[Bioc-devel] [BioC] lookUp for other terminologies

Marc Carlson mcarlson at fhcrc.org
Mon Mar 7 19:56:31 CET 2011

Hi Matthew,

I think that you could probably do something like what you are
describing by following the instructions in the Vignette titled
"Hypergeometric tests for less common model organisms" which can be seen
in the GOstats package: 
It was developed for a similarly generic circumstance as this.  An
extension of the methods developed for this case would be one way to
tackle this.

In terms of DO to gene mappings.  Where did you get them?  I have not
found these from any of the expected places.  If we can just get the
appropriate mappings from a reliable source then it might make sense to
include them in our packages.  However, if this is not practical, then
an approach like what was defined for unsupported organisms is probably
a good idea.


On 03/07/2011 10:10 AM, Matthew Pocock wrote:
> On 7 March 2011 16:57, Martin Morgan <mtmorgan at fhcrc.org> wrote:
>> I wonder if you could be a bit more specific about the tasks you're
>> trying to accomplish?
> There are lots of packages in bioconductor that provide methods that run
> with GO - GOstats, globaltest, GlobalAncova, ... and all of these that I've
> looked at so far essentially only need an annotation Bimap, some way to get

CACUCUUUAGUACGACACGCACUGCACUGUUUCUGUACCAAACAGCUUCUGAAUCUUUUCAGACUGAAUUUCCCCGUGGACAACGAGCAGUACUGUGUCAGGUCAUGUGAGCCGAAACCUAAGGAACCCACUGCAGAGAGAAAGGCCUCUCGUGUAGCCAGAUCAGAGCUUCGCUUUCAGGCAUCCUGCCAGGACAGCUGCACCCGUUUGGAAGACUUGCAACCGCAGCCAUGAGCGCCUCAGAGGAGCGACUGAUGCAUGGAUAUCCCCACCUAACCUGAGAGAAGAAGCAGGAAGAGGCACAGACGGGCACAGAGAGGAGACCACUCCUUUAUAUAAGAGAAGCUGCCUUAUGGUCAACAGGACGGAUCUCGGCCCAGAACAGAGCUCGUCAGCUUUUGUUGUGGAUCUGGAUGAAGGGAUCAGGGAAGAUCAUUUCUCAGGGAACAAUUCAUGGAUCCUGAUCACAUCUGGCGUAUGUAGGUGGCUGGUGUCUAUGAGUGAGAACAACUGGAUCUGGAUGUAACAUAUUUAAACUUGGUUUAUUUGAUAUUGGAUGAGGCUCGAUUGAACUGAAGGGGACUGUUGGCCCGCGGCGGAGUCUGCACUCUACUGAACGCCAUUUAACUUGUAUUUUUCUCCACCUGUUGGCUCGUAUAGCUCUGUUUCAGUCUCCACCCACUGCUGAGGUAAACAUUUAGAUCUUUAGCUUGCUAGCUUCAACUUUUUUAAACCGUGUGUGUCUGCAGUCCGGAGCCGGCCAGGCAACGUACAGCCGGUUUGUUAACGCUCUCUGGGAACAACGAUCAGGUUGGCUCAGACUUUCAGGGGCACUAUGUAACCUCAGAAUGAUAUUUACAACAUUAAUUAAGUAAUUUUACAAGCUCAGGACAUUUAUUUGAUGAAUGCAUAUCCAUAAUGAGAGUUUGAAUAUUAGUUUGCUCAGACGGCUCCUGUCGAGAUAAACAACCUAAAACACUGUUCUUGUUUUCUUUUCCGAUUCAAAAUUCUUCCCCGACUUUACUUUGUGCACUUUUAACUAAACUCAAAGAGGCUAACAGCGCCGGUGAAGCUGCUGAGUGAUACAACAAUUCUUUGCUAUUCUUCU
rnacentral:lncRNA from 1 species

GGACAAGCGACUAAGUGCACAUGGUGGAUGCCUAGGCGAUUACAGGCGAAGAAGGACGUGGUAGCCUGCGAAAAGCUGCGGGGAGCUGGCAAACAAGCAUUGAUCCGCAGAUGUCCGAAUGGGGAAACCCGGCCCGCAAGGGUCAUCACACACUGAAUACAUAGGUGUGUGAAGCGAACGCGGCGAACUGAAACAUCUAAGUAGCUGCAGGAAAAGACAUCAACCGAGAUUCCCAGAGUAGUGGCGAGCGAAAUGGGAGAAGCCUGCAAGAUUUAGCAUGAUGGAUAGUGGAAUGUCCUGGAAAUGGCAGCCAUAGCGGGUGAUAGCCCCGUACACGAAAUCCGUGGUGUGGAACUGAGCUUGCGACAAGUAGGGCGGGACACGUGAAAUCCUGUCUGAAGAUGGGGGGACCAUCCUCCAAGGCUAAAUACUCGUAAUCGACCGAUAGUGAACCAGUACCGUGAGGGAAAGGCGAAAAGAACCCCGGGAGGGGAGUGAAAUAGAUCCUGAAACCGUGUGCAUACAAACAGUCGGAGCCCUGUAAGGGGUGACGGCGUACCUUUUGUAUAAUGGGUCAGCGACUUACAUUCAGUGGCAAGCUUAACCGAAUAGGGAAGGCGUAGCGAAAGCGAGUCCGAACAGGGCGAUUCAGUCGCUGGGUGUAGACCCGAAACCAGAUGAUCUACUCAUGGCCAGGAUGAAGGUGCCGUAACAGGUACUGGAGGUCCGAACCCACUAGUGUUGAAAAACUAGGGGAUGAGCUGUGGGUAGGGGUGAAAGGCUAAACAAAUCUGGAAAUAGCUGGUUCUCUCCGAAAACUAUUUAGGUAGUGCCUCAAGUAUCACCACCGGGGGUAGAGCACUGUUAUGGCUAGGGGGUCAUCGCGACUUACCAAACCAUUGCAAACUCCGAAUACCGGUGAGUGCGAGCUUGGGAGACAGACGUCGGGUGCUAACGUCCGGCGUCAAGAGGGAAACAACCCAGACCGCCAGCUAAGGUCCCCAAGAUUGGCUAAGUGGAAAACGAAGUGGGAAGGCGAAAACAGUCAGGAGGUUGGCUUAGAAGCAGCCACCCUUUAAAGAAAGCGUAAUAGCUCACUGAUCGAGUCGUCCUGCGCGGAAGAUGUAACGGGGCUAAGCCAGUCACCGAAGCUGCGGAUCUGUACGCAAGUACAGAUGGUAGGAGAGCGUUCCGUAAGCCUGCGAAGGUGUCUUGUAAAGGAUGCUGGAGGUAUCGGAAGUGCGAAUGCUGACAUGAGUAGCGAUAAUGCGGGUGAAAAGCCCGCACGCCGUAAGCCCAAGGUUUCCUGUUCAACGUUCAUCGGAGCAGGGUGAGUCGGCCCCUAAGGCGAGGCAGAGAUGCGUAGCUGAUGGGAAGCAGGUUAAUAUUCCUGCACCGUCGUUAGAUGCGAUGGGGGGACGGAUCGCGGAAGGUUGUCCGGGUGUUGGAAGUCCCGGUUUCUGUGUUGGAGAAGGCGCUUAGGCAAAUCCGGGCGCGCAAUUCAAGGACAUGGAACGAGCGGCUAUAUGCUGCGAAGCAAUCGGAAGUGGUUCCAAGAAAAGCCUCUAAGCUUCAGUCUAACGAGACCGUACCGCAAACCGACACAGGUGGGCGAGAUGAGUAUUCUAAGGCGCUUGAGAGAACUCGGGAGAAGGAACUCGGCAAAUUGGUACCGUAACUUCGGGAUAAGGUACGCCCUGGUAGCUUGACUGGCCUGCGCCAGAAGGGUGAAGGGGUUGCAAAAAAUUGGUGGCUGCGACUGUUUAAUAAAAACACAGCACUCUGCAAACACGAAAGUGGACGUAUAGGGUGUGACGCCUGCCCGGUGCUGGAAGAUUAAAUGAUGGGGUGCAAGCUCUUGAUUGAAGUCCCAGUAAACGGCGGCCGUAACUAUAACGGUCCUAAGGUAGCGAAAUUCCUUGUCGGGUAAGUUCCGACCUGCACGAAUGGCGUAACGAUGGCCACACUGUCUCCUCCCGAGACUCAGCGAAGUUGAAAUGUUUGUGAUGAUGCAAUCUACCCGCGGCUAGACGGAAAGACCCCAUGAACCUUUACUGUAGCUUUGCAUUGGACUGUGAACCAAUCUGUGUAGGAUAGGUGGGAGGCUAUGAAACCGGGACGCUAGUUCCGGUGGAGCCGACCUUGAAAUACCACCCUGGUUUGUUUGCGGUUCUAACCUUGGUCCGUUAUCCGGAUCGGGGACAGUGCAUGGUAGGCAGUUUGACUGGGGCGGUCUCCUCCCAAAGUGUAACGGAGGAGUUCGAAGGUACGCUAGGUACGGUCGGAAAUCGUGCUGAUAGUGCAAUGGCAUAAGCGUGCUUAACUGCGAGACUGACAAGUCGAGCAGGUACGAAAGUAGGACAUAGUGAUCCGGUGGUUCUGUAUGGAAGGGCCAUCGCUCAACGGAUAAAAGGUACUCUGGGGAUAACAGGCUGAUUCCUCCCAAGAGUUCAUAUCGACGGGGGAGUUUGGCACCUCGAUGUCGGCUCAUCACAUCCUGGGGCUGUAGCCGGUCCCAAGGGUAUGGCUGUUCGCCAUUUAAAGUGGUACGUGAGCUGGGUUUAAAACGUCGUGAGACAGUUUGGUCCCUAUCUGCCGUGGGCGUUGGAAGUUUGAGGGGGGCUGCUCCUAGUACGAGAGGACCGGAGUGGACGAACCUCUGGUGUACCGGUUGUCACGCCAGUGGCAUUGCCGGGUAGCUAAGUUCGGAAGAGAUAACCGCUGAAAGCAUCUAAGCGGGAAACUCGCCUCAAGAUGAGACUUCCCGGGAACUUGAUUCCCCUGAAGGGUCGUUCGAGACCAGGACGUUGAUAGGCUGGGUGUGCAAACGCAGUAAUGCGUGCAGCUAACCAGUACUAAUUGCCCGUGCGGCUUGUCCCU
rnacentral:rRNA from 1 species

> terms, and something with the CHILDREN/OFFSPRING/... methods. I'd like to be
> able to run them for DO, but I'm sure there are other interesting
> terminologies out there that other people may want to use.
> I've been given an entrez<->do mapping file - I can't attest to its
> provenance or accuracy. From this, I've got functions that produce
> ${annotation}DO bimaps if there is an ${annotation}ENTREZID bimap present.
> As for the algorithms themselves, so far I've been copying out bits of these
> packages and hacking them about to use DO rather than GO* hierarchies.
> However, it's error-prone and not pretty, and I'd prefer to be able to do
> this with less hackery - or at least, by relying upon bioconductor-blessed
> and encapsulated hackery.
> Matthew

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